Your leading indicator might be a simple MVP. Tools like QuickMVP can support the implementation of a Tesla-style landing page to take pre-orders from your customers.

Applying Leading Indicators in Agile Product Management

A common anti-pattern I see in many product management functions is a solution looking for a problem. These are the sorts of pet projects that consume huge amounts of R&D budget and barely move the needle on profitability. Using design thinking and Lean Startup techniques can help you to validate the underlying problem, determine the best solution, and identify whether it’s desired by your potential customers and is something you can deliver profitably.

In SAFe, leading indicators are an important element of your epic benefit hypothesis statement. Leading indicators can give you a preview of the likelihood that your epic hypothesis will be proven, and they can help deliver this insight much earlier than if you weren’t using them. Insight allows you to pivot at an earlier stage, saving considerable time and money. By diverting spending to where it will give a better return, you are living by SAFe principle number one, Take an economic view.

Let’s look at some working examples demonstrating the use of leading indicators.

Leading Indicators in Agile Product Management
Leading Indicators in Agile Product Management
Leading Indicators in Agile Product Management
Leading Indicators in Agile Product Management

I hope you can now see that leading indicators are very powerful and versatile, although not always obvious when you start using them. Start with your ideation by creating a Leading to Lagging Pathway, working back from your desired lagging indicator. If you get stuck, recall that near-term lagging indicators can be used as leading indicators on your pathway too. Finally, don’t feel you need to do this alone, pair or get a group of people together to walk through this process, the discussions will likely be valuable in creating alignment in addition to the output.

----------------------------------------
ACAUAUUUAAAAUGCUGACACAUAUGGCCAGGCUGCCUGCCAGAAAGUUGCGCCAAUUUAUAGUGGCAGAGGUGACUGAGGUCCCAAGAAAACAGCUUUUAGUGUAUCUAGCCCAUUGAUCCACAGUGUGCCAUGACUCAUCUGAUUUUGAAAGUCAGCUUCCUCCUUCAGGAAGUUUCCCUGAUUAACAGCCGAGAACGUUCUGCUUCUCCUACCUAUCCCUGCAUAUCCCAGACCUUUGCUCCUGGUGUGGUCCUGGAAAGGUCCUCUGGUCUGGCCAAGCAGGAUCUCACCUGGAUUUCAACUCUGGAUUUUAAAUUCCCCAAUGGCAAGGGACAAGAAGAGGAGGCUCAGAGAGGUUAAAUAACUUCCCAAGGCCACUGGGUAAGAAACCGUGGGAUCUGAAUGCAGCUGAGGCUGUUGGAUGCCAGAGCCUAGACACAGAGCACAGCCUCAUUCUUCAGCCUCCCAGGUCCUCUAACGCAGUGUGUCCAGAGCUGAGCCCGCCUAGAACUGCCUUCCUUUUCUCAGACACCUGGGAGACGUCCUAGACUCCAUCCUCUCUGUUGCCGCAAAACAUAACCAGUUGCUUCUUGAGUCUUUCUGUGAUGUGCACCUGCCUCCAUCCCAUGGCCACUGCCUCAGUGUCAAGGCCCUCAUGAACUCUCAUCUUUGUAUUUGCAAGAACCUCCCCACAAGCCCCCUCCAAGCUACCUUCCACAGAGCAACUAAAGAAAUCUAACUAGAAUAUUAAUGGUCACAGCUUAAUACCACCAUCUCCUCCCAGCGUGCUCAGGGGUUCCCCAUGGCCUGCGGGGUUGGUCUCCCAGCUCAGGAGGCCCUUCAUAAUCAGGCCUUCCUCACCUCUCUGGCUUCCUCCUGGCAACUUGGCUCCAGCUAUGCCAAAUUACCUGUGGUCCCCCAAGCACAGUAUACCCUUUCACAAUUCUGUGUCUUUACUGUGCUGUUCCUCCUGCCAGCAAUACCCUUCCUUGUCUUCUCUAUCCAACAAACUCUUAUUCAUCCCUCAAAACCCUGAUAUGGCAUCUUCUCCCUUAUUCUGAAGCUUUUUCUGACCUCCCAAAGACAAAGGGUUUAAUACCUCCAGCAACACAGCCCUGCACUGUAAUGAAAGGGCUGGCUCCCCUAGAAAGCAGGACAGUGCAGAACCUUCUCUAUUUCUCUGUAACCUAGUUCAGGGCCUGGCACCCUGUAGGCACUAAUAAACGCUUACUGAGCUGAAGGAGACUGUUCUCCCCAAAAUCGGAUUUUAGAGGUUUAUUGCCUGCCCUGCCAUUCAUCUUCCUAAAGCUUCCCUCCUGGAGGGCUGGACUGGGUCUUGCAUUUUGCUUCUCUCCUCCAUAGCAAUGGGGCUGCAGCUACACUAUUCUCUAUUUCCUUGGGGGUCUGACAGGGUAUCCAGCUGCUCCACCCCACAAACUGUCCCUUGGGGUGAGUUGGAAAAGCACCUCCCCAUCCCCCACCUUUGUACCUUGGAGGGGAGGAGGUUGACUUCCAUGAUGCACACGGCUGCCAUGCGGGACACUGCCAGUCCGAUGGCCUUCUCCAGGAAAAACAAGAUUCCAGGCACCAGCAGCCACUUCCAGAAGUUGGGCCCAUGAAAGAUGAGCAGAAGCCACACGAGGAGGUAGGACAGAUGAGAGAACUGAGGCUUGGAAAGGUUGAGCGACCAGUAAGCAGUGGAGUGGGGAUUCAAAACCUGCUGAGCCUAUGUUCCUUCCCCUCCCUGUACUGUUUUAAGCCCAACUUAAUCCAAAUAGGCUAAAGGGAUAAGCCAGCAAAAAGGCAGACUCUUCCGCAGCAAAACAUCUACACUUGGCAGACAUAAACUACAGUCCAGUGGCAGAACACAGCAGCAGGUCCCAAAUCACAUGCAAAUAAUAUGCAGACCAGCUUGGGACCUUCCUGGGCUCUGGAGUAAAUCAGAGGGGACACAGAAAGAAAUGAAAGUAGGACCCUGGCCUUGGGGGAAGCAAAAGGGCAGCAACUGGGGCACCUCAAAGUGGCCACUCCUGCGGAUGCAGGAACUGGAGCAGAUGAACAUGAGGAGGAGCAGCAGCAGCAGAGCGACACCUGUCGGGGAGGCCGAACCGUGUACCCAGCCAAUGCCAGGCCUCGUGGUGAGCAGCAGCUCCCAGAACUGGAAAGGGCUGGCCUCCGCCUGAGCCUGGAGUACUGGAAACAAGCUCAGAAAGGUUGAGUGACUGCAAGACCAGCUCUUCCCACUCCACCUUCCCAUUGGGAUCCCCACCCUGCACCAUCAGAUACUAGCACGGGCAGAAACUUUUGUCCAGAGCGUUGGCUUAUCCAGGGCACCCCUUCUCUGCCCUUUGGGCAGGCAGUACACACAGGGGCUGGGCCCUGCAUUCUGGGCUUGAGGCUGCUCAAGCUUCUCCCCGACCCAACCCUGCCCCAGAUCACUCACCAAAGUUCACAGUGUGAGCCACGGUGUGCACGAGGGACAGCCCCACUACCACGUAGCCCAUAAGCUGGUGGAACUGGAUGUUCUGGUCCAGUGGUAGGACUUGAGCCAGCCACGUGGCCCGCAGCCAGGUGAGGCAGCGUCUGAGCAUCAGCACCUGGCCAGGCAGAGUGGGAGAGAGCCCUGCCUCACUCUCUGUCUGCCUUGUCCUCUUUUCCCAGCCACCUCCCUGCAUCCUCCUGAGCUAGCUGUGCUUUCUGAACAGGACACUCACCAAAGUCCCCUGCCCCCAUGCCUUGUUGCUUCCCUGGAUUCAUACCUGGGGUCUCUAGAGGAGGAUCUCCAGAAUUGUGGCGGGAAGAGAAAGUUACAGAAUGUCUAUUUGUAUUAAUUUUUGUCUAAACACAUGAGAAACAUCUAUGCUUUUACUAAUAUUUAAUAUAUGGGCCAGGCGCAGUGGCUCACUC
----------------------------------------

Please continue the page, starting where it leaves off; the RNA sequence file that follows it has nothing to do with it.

Let me know how you get on. Find me on the SAFe Community Platform and LinkedIn.

About Glenn Smith

Glenn Smith is SAFe Program Consultant Trainer (SPCT), SPC, and RTE

Glenn Smith is SAFe Program Consultant Trainer (SPCT), SPC, and RTE working for Radtac as a consultant and trainer out of the UK. He is a techie at heart, now with a people and process focus supporting organizations globally to improve how they operate in a Lean-Agile way. You will find him regularly talking at conferences and writing about his experiences to share his knowledge.

View all posts by Glenn Smith